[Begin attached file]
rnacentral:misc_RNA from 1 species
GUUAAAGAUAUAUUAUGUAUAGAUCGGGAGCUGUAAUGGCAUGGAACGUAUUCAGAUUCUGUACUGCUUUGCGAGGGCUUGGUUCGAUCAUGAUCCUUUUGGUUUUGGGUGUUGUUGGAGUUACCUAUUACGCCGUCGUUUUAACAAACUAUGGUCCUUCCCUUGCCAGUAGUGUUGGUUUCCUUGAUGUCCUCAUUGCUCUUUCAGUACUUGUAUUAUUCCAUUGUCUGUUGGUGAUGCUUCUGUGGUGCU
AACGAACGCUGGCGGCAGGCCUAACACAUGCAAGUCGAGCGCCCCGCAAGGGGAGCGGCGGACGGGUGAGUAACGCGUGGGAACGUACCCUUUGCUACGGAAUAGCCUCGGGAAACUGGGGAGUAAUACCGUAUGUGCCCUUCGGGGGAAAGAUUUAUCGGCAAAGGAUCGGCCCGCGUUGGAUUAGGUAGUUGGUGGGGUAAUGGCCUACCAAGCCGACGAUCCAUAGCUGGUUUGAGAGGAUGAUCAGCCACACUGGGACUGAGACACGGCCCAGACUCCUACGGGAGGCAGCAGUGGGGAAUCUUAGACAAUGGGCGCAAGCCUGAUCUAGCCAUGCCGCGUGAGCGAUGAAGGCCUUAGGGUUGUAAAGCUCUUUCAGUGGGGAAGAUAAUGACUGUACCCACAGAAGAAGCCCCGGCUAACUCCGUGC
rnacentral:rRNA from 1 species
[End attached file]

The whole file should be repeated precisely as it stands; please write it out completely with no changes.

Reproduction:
rnacentral:misc_RNA from 1 species
GUUAAAGAUAUAUUAUGUAUAGAUCGGGAGCUGUAAUGGCAUGGAACGUAUUCAGAUUCUGUACUGCUUUGCGAGGGCUUGGUUCGAUCAUGAUCCUUUUGGUUUUGGGUGUUGUUGGAGUUACCUAUUACGCCGUCGUUUUAACAAACUAUGGUCCUUCCCUUGCCAGUAGUGUUGGUUUCCUUGAUGUCCUCAUUGCUCUUUCAGUACUUGUAUUAUUCCAUUGUCUGUUGGUGAUGCUUCUGUGGUGCU
AACGAACGCUGGCGGCAGGCCUAACACAUGCAAGUCGAGCGCCCCGCAAGGGGAGCGGCGGACGGGUGAGUAACGCGUGGGAACGUACCCUUUGCUACGGAAUAGCCUCGGGAAACUGGGGAGUAAUACCGUAUGUGCCCUUCGGGGGAAAGAUUUAUCGGCAAAGGAUCGGCCCGCGUUGGAUUAGGUAGUUGGUGGGGUAAUGGCCUACCAAGCCGACGAUCCAUAGCUGGUUUGAGAGGAUGAUCAGCCACACUGGGACUGAGACACGGCCCAGACUCCUACGGGAGGCAGCAGUGGGGAAUCUUAGACAAUGGGCGCAAGCCUGAUCUAGCCAUGCCGCGUGAGCGAUGAAGGCCUUAGGGUUGUAAAGCUCUUUCAGUGGGGAAGAUAAUGACUGUACCCACAGAAGAAGCCCCGGCUAACUCCGUGC
rnacentral:rRNA from 1 species